On the financial front, the company has been reporting a decline in profits for several quarters now. However, riding on a provision write-back of Rs 4.41 billion, RCOM posted a sixfold growth in its consolidated net profit in the second quarter of 2013-14. The net profit increased from Rs 1.02 billion in the quarter ended September 2012 to Rs 6.75 billion in the corresponding quarter in 2013. Excluding the write-back, the net profit for the reported quarter stood at Rs 2.34 billion, an increase of about 1.3 times over the corresponding period in the previous year. Meanwhile, the operating revenues grew by 4 per cent from Rs 52.02 billion for the quarter ended September 2012 to Rs 53.94 billion in the reported quarter. The company’s earnings before interest, taxes, depreciation and amortisation (EBITDA) margin stood at 35 per cent, which is among the highest in the industry.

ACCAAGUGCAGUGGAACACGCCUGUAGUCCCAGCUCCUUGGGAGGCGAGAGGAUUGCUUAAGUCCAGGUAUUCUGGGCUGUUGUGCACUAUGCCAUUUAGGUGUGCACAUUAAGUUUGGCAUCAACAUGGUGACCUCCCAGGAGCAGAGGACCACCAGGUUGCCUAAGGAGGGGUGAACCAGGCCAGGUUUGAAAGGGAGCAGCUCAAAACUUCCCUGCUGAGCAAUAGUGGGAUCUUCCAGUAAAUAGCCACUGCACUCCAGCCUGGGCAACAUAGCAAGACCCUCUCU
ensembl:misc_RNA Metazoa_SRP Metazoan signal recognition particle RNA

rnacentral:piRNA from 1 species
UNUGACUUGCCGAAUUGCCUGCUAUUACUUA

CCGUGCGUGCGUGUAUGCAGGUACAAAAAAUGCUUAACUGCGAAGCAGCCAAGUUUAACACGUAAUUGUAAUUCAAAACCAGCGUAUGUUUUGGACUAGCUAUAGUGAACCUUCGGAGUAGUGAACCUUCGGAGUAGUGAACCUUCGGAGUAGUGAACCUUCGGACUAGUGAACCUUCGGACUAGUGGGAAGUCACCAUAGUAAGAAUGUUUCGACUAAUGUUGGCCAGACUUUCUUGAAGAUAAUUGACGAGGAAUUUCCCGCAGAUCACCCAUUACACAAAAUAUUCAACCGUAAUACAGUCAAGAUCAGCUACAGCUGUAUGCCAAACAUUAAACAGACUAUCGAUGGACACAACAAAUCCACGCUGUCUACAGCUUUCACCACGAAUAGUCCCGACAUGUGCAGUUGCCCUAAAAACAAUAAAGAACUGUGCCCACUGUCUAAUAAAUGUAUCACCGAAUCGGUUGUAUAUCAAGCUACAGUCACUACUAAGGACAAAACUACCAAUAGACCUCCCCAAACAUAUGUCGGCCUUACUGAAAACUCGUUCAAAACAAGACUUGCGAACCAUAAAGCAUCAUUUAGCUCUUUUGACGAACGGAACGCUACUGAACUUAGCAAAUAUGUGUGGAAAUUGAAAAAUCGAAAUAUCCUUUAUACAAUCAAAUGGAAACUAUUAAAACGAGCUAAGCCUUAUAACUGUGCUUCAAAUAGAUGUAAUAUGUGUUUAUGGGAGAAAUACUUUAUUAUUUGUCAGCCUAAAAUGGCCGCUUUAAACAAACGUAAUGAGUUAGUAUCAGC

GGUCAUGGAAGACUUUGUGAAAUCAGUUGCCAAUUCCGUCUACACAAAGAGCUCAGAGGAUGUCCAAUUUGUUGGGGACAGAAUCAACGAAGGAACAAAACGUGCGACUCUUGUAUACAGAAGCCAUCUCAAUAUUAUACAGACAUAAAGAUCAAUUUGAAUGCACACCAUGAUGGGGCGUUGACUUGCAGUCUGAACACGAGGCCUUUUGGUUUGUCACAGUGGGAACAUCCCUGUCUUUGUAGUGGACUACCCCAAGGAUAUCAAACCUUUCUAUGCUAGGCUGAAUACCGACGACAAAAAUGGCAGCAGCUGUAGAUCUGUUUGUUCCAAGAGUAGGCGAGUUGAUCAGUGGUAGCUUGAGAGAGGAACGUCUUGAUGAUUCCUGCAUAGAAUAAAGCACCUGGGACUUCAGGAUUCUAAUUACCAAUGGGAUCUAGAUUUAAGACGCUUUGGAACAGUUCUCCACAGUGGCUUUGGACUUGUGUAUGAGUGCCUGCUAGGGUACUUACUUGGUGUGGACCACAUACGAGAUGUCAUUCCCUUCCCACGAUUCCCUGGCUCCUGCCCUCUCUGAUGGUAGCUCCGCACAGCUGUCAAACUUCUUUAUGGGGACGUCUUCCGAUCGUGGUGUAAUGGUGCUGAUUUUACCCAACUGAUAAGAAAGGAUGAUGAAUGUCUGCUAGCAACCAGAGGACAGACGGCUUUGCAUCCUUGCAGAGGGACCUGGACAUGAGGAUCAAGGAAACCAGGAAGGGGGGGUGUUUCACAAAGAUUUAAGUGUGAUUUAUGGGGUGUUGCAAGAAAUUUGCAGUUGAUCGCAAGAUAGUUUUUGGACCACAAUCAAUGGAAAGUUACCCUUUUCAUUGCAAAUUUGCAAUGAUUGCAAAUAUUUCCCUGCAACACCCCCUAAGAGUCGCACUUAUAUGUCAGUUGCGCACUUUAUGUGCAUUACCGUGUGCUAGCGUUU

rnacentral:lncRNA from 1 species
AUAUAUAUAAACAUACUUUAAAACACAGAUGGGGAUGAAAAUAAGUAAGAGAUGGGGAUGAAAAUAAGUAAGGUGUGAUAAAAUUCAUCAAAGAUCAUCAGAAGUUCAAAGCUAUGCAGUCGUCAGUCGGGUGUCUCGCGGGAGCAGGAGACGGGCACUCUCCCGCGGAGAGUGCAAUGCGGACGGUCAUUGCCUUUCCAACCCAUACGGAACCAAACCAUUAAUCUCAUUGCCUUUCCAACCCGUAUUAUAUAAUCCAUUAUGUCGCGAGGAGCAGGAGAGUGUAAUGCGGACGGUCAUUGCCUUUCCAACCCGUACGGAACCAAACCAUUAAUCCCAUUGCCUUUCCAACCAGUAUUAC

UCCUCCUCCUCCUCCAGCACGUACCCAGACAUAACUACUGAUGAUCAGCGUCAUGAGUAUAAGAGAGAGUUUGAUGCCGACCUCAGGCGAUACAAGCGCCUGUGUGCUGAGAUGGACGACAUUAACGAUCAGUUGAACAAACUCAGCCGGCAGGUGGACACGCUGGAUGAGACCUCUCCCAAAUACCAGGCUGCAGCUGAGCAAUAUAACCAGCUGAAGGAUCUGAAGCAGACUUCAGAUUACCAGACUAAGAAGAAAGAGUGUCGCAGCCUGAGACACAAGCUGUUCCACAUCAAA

Advantages and positive steps

RCOM is an integrated telecom operator delivering a suite of telecom services including mobile and fixed line telephony, national and international long distance services, and broadband and data services.

Its biggest asset is its vast infrastructure. It owns and operates one of the world’s largest next-generation IP-enabled connectivity infrastructures. Through Reliance Globalcom, it owns the largest private cable network in the world with over 277,000 route km of optic fibre cable (OFC) connecting the US, Europe, the Middle East and the Asia Pacific. This includes 68,000 route km of subsea fibre.

Valued as one of the world’s top 10 telecom companies, RCOM serves 2,100 Indian and multinational companies, apart from 800 global carriers that use its network.

Originally a CDMA operator, RCOM launched GSM services across the country in 2009. This was the largest and possibly the fastest network roll-out by an Indian operator. In 2010, RCOM became the second private operator after Tata Teleservices Limited (TTSL) to launch 3G services. To make good its investment of Rs 85.85 billion in 3G licences for 13 circles, the company aggressively rolled out 3G services including video calling, mobile TV and video streaming on several mobile and personal computing devices at a base speed of 21 Mbps.